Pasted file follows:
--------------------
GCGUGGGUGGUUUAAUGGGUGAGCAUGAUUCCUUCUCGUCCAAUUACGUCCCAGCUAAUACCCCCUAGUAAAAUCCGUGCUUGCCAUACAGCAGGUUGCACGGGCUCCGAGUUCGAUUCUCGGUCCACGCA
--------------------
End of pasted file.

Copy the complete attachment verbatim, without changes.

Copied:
GCGUGGGUGGUUUAAUGGGUGAGCAUGAUUCCUUCUCGUCCAAUUACGUCCCAGCUAAUACCCCCUAGUAAAAUCCGUGCUUGCCAUACAGCAGGUUGCACGGGCUCCGAGUUCGAUUCUCGGUCCACGCA